Third, and most broadly, by the rule of the clan I mean the antiliberal social and legal organizations that tend to grow in the absence of state authority or when the state is weak. These groups include petty criminal gangs, the Mafia, and international crime syndicates, which look a great deal like clans and in many respects act like them. Today corporate conglomerates and collectivist identity groups have the potential to transform into similar clanlike systems. In this respect, the rule of the clan is a synecdoche for a general pattern according to which humans tend to organize their communities.
Life under the rule of the clan is profoundly different from life in liberal societies. Most important, compared with modern liberal states, communities governed by the rule of the clan possess a markedly diminished conception of individual freedom. This is because under their legal principles people are valued less as individuals per se than as members of their extended families. The rights and obligations of individuals are fundamentally influenced by their places within the kin groups to which they inescapably belong.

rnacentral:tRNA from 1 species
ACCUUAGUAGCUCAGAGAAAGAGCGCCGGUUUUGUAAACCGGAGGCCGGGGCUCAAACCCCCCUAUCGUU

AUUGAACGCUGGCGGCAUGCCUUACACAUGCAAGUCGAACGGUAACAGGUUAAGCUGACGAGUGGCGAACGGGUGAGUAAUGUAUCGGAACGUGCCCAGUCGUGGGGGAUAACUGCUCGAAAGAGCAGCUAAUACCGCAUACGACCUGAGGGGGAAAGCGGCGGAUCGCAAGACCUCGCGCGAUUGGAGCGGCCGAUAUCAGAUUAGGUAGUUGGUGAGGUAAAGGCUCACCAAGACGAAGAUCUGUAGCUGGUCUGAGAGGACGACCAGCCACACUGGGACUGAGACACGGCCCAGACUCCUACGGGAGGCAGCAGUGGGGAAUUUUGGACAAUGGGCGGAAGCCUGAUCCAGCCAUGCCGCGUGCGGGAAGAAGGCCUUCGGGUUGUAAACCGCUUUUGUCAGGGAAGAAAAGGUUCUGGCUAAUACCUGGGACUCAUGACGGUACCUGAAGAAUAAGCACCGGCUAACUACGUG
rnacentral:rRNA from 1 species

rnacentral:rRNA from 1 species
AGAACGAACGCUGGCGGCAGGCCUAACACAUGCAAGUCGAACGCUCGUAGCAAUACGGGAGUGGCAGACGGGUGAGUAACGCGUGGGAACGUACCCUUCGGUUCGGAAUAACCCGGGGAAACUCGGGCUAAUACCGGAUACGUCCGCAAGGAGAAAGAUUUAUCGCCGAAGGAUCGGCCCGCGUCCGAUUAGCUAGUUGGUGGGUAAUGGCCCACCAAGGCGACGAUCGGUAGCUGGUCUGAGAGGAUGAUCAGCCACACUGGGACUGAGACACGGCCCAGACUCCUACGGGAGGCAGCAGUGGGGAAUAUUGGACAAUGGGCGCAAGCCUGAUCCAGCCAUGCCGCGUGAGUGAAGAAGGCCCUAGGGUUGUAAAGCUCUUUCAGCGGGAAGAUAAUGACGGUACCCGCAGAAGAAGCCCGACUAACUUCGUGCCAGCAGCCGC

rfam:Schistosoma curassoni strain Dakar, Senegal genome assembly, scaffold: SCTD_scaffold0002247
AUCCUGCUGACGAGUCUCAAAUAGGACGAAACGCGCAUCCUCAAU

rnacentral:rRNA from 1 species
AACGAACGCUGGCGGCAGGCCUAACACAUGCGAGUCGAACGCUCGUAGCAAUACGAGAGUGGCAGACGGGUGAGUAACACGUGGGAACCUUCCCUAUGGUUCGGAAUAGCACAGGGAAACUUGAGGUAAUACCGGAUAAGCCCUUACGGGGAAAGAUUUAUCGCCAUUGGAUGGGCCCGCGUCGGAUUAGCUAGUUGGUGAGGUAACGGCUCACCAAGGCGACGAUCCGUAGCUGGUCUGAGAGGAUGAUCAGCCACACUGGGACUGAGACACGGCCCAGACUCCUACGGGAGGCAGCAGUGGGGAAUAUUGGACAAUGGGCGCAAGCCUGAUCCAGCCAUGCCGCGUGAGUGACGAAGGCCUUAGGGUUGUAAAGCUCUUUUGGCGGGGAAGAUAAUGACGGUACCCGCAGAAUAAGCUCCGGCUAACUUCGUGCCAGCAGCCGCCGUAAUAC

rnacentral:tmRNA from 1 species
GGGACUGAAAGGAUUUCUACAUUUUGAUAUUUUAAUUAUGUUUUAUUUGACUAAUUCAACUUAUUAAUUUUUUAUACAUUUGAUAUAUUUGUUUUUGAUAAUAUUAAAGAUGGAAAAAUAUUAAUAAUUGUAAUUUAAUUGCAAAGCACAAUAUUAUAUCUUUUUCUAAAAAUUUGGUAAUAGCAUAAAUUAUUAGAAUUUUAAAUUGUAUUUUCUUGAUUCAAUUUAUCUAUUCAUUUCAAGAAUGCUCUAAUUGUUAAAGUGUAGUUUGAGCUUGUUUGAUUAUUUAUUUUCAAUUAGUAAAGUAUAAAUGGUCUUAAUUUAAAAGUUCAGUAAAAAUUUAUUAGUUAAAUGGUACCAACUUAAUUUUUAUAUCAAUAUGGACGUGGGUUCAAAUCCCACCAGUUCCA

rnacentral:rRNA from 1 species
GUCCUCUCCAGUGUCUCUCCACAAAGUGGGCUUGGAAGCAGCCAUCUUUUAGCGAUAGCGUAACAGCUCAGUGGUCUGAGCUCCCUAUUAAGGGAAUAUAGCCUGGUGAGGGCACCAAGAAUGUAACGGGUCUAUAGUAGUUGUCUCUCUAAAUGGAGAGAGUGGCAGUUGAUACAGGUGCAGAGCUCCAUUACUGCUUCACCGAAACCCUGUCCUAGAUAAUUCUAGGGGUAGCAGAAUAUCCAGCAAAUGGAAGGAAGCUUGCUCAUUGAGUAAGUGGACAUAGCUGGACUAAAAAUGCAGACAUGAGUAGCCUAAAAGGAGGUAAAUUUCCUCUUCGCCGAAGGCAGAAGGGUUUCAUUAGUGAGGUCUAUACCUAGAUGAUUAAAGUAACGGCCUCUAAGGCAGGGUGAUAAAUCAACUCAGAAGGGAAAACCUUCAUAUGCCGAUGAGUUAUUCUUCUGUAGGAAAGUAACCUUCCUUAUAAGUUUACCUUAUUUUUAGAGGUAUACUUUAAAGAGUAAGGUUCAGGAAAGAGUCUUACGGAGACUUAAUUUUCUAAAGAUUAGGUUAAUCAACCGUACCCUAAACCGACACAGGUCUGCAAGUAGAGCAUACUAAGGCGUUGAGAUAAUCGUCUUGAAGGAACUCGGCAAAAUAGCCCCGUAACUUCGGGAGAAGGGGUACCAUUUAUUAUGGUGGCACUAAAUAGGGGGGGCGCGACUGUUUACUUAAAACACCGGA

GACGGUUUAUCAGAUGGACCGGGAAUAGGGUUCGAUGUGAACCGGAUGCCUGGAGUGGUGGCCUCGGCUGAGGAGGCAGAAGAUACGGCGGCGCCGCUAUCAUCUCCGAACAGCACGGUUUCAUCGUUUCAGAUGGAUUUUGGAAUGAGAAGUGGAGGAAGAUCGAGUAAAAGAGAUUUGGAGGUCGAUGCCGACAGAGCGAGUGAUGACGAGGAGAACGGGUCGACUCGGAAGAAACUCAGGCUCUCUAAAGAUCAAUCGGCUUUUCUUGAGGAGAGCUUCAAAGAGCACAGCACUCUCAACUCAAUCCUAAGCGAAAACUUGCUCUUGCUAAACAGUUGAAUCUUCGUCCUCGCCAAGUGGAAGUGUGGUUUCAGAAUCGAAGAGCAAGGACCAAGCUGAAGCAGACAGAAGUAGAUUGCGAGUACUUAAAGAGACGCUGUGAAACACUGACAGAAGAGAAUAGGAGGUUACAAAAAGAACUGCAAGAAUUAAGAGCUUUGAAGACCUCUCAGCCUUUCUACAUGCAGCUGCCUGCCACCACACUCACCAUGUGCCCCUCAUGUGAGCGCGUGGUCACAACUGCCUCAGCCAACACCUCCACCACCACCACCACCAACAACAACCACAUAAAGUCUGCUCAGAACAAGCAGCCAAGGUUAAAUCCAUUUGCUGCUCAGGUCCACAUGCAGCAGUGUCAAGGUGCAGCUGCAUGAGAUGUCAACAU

The legal status of the individual under the rule of the clan might be represented like this:
Here, in the presence of a weak state, the individual is weakened and submerged in the more muscular corporate associations — kin groups — that maintain the society's political order.
* * *
The founding father of legal history and legal anthropology, Henry Sumner Maine, had an illuminating term for such communities. He called them societies of "Status," which he contrasted with communities he called societies of "Contract." According to Maine, the history of all "progressive societies," societies that had undergone a course of modernizing development, is a story of their transformation "from Status to Contract." It is a formulation that sheds a good deal of light on a number of grave threats shadowing liberal societies today.
Born in 1822 and raised near London, Maine rose from relatively humble origins to the most influential heights of Victorian intellectual life. Strikingly, he brought together two professional paths that today might seem at odds: recondite historian of the ancient world and practical colonial administrator.